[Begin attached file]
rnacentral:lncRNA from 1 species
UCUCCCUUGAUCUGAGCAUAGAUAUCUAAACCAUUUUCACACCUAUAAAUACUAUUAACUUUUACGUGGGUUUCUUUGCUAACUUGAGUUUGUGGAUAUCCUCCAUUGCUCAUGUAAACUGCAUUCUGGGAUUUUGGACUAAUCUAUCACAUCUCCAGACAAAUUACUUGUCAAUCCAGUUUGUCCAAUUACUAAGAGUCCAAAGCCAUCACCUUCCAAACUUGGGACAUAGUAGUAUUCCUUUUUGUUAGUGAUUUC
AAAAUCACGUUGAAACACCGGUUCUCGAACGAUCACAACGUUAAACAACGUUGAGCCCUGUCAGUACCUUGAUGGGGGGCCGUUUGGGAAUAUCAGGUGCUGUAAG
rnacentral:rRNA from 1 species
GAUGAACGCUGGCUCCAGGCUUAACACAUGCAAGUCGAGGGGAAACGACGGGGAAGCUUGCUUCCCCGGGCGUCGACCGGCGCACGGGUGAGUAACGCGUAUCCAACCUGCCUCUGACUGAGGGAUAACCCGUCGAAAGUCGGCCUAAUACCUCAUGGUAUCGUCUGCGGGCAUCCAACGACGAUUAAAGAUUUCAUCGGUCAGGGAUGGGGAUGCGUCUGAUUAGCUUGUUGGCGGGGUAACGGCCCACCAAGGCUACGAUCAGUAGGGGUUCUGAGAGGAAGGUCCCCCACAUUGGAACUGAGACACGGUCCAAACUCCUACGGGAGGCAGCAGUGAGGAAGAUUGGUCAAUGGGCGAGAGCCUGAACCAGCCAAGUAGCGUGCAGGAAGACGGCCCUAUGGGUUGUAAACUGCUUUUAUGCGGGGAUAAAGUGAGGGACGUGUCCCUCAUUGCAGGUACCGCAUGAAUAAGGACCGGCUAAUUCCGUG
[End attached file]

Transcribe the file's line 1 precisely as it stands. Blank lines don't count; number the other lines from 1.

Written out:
rnacentral:lncRNA from 1 species